The likelihood of Peter Sagan riding for the Bora-Hansgrohe team for 2017 has received a boost after Astana team manager Alexander Vinokourov confirmed that talks to sign the world champion have not moved forward since the Giro d'Italia.
Cyclingnews understands that Sagan will decide his future during the Tour de France, with a final deal to be thrashed out in the following weeks. It seems that Astana and Bora-Hansgrohe are the only two teams under consideration for Sagan's future, with the German team now the favourite to secure his signature and so pay him the highest salary in the professional peloton.
Sagan is about to start the Tour de France with the Tinkoff team and target stage victories in the sprints and another green points jersey. Victory during the opening weekend of racing could also give Sagan the race leader's yellow jersey, one of the rare goals the Slovakian has to still achieve.
On the second rest day of the Giro in late May, Cyclingnewsrevealed that the Astana team was in talks to sign Sagan, with confirmation coming from within the Kazakhstan team and other sources. Vinokourov was keen to sign Sagan to fill the hole in the team's line-up left by Giro d’Italia winner Vincenzo Nibali, who is set to lead the new Bahrain Cycling team in 2017. Now Vinokourov has admitted that he expects Nibali to leave Astana after 2016 and conceded that negotiations with Sagan's agent Giovanni Lombardi have fizzled out.
"We started talks with Sagan at the time of the Giro d'Italia but things haven't really moved forward since then. I think it's difficult that Sagan will join Astana," Vinokourov told Cyclingnews and Gazzetta dello Sport on Friday after the Astana team's final press conference before the start of the Tour de France.
"I don't know if he's made a final decision yet, so perhaps there's still a chance. We've made an offer, let's see what he decides. We like to sign good riders but if Peter doesn't join our team then we'll be fine. We've got some hugely talented riders in the team already. We've got Fabio Aru, who is only 25 but who won the Vuelta a España and we've got Miguel Angel Lopez, who is only 22 but recently won the Tour de Suisse."
On Thursday Bora Argon 18 team manager Ralph Denk confirmed that German sanitary fittings company Hansgrohe would become the team's co-title sponsor for a three-year period. Denk plans to strengthen the team considerably and secure a place in the WorldTour for 2017 and beyond.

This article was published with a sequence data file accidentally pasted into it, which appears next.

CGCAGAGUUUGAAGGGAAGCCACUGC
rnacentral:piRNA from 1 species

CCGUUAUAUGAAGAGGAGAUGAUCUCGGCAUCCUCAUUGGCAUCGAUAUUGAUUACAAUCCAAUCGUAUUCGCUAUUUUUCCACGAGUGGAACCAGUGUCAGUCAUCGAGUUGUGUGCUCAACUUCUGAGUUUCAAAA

Sagan's arrival would revolutionise the German team but it seems the deal could happen thanks to the arrival Hansgrohe and especially the support of Specialized. The major US brand is determined to continue to work with Sagan and their sponsorship would help fund much of Sagan's salary, which could be close to €5 million a season for the next three years.
Denk suggested that Sagan was "too big a name for our team" when asked during the presentation of Hansgrohe but confirmed interest in signing him.
"From what I've heard it's huge money. For sure it would be a dream to have rider like him in the team but we'll see," Denk explained. "From the beginning of August we can talk about riders but at the moment he's too big of a name. We've a serious budget but we're not sponsored by a Russian company like Tinkoff."
Nibali to exit Astana for the Bahrain Cycling team
It seems that Vinokourov has been fighting a front and rear-guard action in recent weeks and months, trying to hire Sagan but also trying to convince Nibali to stay with Astana. He now seems resigned to losing both battles, with Specialized unlikely to remain with the team if it invests funds in Sagan's move. Vinokourov admitted he has still to confirm a bike sponsor for 2017 but said two or three brands were in talks. He revealed that Bianchi was no longer a possibility despite initial talks. The Italian brand is expected to stay with LottoNL-Jumbo after a successful Giro d'Italia with Steven Kruijswijk.
"I think Vincenzo has already taken his decision [to leave] but it's not a problem," Vinokourov said trying to hide his disappointment at losing the 2014 Tour de France winner.
"He still hasn't formally told us anything but I understand that he wants to go there [the Bahrain Cycling Team – ed.] It's a pity that he's going to leave but when you're a manager, you've got to have the budget to pay all the wages in the team…. He's a great rider but I think he wants to move to another team for other reasons, not sporting reasons. It's his decision. But change is part of cycling, you can't stay in the same team all your life."